Obviously, Michelle Obama and her task force can’t take on every issue tied to obesity, but targeted active community design strategies can be highly effective ways to integrate activity into the everyday lives of children.  For example, “complete streets” and bicycle infrastructure make it safer and easier for kids to bike and walk. Taking public transportation allows for more activity than riding in a car. Traffic calming and design mechanisms focused on pedestrians instead of motorists make streets less dangerous for children. And creating compact, walkable, mixed-use communities with nearby destinations and vibrant streetscapes mean more daily activity for children and their parents, and more open space for them to play in.

The First Lady could build on past efforts that successfully connected planning, physical activity and childrens’ issues. For one, the former Mayor of Bogotá, Enrique Peñalosa, showed us how orienting an urban revitalization effort around kids’ needs can be advantageous for everyone. According to his philosophy, a city that is safe and enjoyable for children – our most vulnerable population – is a good city. If planners and designers attend to children by providing parks, bicycle lanes, engaging public spaces, sidewalks, schools, safe streets and clean air, they’ll end up creating a city that’s attractive for the broader population.

Here in the U.S., Richard Louv’s book Last Child in the Woods: Saving Our Children from Nature-Deficit Disorder has catalyzed a powerful No Child Left Inside movement. National and state networks not only promote childrens’ interaction with nature, but an overall increase in physical activity and engagement outside the home and away from the computer.

There’s no doubt that fighting childhood obesity and creating opportunities for everyday activity and interaction through better planning go hand in hand. The First Lady should include the U.S Department of Transportation, Housing and Urban Development, Environmental Protection Agency and Office of Urban Affairs leadership in her task force, and she should reach out to mayors across the country (she has the support of two already). This group could piggyback on the good work already being done through the federal Livability Initiative and by groups like the U.S. Conference of Mayors.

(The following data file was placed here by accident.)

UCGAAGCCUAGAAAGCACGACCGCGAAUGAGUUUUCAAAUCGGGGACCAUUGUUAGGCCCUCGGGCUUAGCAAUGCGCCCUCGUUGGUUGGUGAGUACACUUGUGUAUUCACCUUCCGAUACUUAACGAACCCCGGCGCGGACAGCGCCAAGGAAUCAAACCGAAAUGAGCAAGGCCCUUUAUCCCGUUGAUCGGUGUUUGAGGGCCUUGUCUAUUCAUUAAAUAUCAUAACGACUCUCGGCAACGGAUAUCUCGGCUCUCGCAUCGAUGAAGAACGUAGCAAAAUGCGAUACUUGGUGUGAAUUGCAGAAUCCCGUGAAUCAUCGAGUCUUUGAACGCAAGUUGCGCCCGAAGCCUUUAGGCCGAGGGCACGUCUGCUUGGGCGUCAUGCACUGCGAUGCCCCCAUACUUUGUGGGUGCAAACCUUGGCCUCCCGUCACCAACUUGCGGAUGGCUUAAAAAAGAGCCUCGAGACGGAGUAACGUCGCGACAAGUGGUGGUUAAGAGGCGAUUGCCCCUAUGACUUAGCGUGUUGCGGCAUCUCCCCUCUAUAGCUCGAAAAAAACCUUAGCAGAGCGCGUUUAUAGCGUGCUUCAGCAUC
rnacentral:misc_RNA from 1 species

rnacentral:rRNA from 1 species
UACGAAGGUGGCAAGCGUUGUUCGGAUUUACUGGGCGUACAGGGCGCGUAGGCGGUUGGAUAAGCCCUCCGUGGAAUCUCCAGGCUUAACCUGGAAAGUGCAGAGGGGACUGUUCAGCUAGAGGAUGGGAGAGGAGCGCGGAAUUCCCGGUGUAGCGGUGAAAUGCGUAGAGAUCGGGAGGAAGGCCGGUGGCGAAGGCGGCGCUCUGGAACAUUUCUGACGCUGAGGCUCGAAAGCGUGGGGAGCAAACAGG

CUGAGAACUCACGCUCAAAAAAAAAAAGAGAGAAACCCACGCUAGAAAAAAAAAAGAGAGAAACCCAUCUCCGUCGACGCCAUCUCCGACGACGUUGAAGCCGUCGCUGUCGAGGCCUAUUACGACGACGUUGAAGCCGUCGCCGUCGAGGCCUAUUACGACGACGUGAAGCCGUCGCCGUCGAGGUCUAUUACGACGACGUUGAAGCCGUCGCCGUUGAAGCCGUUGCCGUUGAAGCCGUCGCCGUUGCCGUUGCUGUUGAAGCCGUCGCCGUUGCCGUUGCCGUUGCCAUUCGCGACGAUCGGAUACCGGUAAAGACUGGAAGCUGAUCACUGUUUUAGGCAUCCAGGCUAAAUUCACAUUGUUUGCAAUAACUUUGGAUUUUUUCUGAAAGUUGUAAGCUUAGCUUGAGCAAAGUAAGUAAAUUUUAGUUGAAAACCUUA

Mrs. Obama’s exciting campaign has only just begun, and has yet to develop. We hope she’ll consider incorporating active community design issues as it moves forward.

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  • Richard Louv is a driving inspiration for the projects my company designs and builds. We are a small firm focused on natural playgrounds that connect kids to nature when and where they play. We use logs, boulders, dirt, flowers and trees to engage children in open-ended, explorative play. Our long-term goals include developing into green infrastructure and community planning.

    I encourage everyone to check out our website – – and (for not wholly unselfish reasons) petition your municipalities, schools and daycares to develop green-play plans.

  • Amy

    Thanks Megan – great that you’re putting this idea out there. As a current planning student I thought the same thing about Let’s Move. Have you seen NYC’s Active Design Guidelines? They were just unveiled last month, and while they’re not revolutionary it’s a great toolkit and really positive to see a connection between public health, planning and design. The collaboration of city government agencies here (health, transport, planning, design…) almost mirrors what you recommend at the federal level.